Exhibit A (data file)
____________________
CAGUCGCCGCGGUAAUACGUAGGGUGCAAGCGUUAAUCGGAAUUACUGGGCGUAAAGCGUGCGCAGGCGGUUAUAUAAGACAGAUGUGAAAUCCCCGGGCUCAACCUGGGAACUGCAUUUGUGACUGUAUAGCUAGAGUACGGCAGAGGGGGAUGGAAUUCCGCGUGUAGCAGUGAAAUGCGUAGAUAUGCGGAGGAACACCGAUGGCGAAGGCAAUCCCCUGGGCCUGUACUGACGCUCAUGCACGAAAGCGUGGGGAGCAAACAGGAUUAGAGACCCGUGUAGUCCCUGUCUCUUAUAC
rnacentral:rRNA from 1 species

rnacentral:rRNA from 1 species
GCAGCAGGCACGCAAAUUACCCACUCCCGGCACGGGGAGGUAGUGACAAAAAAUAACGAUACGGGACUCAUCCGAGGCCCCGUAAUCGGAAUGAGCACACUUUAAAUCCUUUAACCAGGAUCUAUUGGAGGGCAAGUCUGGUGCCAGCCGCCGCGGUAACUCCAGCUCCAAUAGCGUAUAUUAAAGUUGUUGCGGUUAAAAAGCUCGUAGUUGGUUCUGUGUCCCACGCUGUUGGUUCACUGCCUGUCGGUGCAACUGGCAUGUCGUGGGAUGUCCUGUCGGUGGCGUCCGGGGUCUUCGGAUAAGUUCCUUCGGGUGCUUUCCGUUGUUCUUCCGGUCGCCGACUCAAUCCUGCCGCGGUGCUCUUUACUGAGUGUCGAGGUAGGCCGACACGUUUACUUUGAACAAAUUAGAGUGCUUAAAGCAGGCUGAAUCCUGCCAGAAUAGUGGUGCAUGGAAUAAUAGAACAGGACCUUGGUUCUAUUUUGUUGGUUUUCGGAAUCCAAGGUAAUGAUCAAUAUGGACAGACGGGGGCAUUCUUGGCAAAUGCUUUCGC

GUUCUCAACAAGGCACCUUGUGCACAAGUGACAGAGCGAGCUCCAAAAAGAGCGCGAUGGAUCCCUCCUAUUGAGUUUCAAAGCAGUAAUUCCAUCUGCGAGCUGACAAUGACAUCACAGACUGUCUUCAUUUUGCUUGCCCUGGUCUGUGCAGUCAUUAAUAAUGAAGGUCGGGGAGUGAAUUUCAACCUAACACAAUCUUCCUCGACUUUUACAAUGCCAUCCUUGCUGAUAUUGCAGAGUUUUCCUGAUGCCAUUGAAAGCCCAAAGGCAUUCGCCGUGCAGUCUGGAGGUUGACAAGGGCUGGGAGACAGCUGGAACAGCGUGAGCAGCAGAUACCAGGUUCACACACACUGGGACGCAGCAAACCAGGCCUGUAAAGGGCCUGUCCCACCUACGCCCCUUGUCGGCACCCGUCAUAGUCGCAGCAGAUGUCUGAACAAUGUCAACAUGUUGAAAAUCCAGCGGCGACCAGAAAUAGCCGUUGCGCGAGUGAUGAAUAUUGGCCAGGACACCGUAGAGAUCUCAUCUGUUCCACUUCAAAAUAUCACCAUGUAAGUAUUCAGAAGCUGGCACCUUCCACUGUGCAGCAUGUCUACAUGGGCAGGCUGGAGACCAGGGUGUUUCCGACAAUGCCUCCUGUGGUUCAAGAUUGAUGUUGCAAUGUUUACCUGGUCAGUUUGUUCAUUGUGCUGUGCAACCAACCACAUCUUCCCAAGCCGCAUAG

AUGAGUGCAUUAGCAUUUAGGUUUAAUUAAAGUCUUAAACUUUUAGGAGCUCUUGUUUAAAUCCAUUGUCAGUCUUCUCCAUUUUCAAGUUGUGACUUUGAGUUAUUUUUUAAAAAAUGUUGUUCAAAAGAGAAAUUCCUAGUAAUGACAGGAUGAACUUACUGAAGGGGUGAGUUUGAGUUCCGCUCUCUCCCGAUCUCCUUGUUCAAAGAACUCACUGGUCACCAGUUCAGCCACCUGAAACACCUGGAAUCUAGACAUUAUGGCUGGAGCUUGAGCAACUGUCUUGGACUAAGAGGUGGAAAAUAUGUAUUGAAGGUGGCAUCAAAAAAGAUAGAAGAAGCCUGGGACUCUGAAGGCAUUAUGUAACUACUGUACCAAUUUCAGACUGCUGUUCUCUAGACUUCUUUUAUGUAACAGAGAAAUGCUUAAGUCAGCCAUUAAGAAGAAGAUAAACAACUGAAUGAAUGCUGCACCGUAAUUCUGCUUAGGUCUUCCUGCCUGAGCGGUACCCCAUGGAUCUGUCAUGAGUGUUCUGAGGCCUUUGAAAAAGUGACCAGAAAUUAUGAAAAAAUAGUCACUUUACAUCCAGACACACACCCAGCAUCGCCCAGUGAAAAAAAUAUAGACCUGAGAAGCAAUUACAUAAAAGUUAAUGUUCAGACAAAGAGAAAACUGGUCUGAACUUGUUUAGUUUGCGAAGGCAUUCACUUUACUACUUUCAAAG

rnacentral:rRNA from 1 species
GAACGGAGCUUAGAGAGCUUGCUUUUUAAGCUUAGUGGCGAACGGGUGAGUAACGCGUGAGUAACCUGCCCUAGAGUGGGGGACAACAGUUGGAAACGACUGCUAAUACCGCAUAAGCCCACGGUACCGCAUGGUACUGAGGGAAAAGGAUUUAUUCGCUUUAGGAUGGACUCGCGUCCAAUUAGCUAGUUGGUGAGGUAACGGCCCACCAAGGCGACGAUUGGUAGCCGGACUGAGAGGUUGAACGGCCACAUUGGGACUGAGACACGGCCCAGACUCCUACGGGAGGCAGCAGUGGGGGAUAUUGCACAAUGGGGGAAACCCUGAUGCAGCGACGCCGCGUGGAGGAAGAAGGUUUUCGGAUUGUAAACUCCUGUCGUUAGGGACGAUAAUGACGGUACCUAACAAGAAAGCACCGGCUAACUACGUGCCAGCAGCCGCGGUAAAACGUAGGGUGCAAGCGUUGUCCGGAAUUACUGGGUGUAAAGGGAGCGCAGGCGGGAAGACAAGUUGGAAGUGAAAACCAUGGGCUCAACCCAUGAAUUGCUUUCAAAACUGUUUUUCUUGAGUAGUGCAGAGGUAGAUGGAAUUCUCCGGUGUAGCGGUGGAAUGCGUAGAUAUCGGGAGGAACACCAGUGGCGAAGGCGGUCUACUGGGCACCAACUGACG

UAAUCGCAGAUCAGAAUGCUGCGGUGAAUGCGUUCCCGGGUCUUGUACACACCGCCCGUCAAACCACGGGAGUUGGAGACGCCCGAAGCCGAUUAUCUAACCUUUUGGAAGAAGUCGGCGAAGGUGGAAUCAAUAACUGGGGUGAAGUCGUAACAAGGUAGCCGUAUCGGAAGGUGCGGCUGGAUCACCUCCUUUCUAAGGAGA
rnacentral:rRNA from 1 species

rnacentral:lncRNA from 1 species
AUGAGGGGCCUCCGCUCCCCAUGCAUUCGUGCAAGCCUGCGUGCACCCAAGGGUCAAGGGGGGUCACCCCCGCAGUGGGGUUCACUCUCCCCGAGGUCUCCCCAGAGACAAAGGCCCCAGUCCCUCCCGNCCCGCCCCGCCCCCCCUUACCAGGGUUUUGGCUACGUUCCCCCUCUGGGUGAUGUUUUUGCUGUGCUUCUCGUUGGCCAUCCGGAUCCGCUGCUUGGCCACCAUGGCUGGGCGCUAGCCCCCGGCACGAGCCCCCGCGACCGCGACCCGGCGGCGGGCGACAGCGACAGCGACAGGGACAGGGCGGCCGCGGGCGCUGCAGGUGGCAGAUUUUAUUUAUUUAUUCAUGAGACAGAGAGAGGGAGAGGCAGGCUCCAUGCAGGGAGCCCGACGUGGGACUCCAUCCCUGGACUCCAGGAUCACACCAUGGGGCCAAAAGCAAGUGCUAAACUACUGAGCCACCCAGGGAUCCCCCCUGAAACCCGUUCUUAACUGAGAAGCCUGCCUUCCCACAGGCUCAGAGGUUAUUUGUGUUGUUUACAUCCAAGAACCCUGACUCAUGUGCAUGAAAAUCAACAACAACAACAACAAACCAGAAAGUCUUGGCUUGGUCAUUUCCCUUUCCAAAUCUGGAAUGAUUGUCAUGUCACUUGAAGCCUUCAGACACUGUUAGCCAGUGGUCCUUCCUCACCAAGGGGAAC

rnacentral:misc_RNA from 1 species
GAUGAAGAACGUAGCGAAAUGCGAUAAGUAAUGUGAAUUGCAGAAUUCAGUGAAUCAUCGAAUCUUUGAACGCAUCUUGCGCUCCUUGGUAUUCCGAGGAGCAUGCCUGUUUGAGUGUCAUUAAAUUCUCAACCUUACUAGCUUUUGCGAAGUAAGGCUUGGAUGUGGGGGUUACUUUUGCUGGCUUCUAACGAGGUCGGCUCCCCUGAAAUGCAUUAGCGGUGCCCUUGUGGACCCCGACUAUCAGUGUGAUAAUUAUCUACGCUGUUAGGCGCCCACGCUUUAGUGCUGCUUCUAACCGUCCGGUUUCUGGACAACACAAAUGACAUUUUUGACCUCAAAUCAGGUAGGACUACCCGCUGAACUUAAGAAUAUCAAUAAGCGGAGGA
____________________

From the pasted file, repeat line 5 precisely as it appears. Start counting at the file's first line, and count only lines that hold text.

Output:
GUUCUCAACAAGGCACCUUGUGCACAAGUGACAGAGCGAGCUCCAAAAAGAGCGCGAUGGAUCCCUCCUAUUGAGUUUCAAAGCAGUAAUUCCAUCUGCGAGCUGACAAUGACAUCACAGACUGUCUUCAUUUUGCUUGCCCUGGUCUGUGCAGUCAUUAAUAAUGAAGGUCGGGGAGUGAAUUUCAACCUAACACAAUCUUCCUCGACUUUUACAAUGCCAUCCUUGCUGAUAUUGCAGAGUUUUCCUGAUGCCAUUGAAAGCCCAAAGGCAUUCGCCGUGCAGUCUGGAGGUUGACAAGGGCUGGGAGACAGCUGGAACAGCGUGAGCAGCAGAUACCAGGUUCACACACACUGGGACGCAGCAAACCAGGCCUGUAAAGGGCCUGUCCCACCUACGCCCCUUGUCGGCACCCGUCAUAGUCGCAGCAGAUGUCUGAACAAUGUCAACAUGUUGAAAAUCCAGCGGCGACCAGAAAUAGCCGUUGCGCGAGUGAUGAAUAUUGGCCAGGACACCGUAGAGAUCUCAUCUGUUCCACUUCAAAAUAUCACCAUGUAAGUAUUCAGAAGCUGGCACCUUCCACUGUGCAGCAUGUCUACAUGGGCAGGCUGGAGACCAGGGUGUUUCCGACAAUGCCUCCUGUGGUUCAAGAUUGAUGUUGCAAUGUUUACCUGGUCAGUUUGUUCAUUGUGCUGUGCAACCAACCACAUCUUCCCAAGCCGCAUAG